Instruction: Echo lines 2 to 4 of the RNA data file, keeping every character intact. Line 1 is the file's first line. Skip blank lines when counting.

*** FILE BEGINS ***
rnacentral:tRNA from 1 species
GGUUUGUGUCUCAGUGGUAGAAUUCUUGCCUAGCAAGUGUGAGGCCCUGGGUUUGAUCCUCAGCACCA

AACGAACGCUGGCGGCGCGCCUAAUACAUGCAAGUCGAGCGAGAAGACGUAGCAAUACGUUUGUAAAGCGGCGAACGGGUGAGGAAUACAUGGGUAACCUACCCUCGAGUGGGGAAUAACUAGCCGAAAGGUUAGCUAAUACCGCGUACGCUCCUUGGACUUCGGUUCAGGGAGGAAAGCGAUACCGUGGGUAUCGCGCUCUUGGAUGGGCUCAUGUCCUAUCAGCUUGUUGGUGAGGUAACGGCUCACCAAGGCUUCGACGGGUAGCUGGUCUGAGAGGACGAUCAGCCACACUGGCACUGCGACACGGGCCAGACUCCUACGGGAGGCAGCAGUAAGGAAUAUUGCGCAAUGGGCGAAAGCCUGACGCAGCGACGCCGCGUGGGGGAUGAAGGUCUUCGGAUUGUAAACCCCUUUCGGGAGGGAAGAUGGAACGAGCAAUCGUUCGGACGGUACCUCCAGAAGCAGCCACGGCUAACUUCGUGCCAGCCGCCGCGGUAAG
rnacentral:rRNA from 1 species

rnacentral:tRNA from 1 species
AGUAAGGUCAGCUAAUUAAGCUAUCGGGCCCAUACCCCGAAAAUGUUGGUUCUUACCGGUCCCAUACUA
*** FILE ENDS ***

GGUUUGUGUCUCAGUGGUAGAAUUCUUGCCUAGCAAGUGUGAGGCCCUGGGUUUGAUCCUCAGCACCA

AACGAACGCUGGCGGCGCGCCUAAUACAUGCAAGUCGAGCGAGAAGACGUAGCAAUACGUUUGUAAAGCGGCGAACGGGUGAGGAAUACAUGGGUAACCUACCCUCGAGUGGGGAAUAACUAGCCGAAAGGUUAGCUAAUACCGCGUACGCUCCUUGGACUUCGGUUCAGGGAGGAAAGCGAUACCGUGGGUAUCGCGCUCUUGGAUGGGCUCAUGUCCUAUCAGCUUGUUGGUGAGGUAACGGCUCACCAAGGCUUCGACGGGUAGCUGGUCUGAGAGGACGAUCAGCCACACUGGCACUGCGACACGGGCCAGACUCCUACGGGAGGCAGCAGUAAGGAAUAUUGCGCAAUGGGCGAAAGCCUGACGCAGCGACGCCGCGUGGGGGAUGAAGGUCUUCGGAUUGUAAACCCCUUUCGGGAGGGAAGAUGGAACGAGCAAUCGUUCGGACGGUACCUCCAGAAGCAGCCACGGCUAACUUCGUGCCAGCCGCCGCGGUAAG
rnacentral:rRNA from 1 species